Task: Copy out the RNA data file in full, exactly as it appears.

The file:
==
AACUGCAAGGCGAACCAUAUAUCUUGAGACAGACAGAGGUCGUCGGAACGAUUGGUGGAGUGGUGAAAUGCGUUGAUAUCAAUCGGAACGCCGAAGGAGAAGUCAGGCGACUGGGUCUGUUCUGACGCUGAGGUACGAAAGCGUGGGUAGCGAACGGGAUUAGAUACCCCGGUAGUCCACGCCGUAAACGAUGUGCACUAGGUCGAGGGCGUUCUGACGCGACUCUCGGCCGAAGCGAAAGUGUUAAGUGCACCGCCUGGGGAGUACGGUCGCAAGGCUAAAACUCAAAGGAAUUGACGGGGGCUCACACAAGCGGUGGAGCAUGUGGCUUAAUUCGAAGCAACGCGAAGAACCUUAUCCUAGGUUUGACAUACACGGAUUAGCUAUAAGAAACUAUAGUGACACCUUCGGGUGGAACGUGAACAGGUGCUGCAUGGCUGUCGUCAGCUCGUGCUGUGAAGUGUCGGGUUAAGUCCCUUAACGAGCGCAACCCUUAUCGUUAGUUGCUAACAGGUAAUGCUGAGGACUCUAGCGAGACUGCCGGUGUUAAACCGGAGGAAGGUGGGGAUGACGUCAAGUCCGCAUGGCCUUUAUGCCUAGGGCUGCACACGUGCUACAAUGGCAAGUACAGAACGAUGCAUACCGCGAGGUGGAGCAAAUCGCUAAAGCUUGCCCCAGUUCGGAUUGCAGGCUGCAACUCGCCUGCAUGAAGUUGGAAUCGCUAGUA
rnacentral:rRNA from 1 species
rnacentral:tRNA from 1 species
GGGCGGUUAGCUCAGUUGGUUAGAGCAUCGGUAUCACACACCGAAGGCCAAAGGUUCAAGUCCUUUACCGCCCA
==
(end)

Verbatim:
AACUGCAAGGCGAACCAUAUAUCUUGAGACAGACAGAGGUCGUCGGAACGAUUGGUGGAGUGGUGAAAUGCGUUGAUAUCAAUCGGAACGCCGAAGGAGAAGUCAGGCGACUGGGUCUGUUCUGACGCUGAGGUACGAAAGCGUGGGUAGCGAACGGGAUUAGAUACCCCGGUAGUCCACGCCGUAAACGAUGUGCACUAGGUCGAGGGCGUUCUGACGCGACUCUCGGCCGAAGCGAAAGUGUUAAGUGCACCGCCUGGGGAGUACGGUCGCAAGGCUAAAACUCAAAGGAAUUGACGGGGGCUCACACAAGCGGUGGAGCAUGUGGCUUAAUUCGAAGCAACGCGAAGAACCUUAUCCUAGGUUUGACAUACACGGAUUAGCUAUAAGAAACUAUAGUGACACCUUCGGGUGGAACGUGAACAGGUGCUGCAUGGCUGUCGUCAGCUCGUGCUGUGAAGUGUCGGGUUAAGUCCCUUAACGAGCGCAACCCUUAUCGUUAGUUGCUAACAGGUAAUGCUGAGGACUCUAGCGAGACUGCCGGUGUUAAACCGGAGGAAGGUGGGGAUGACGUCAAGUCCGCAUGGCCUUUAUGCCUAGGGCUGCACACGUGCUACAAUGGCAAGUACAGAACGAUGCAUACCGCGAGGUGGAGCAAAUCGCUAAAGCUUGCCCCAGUUCGGAUUGCAGGCUGCAACUCGCCUGCAUGAAGUUGGAAUCGCUAGUA
rnacentral:rRNA from 1 species
rnacentral:tRNA from 1 species
GGGCGGUUAGCUCAGUUGGUUAGAGCAUCGGUAUCACACACCGAAGGCCAAAGGUUCAAGUCCUUUACCGCCCA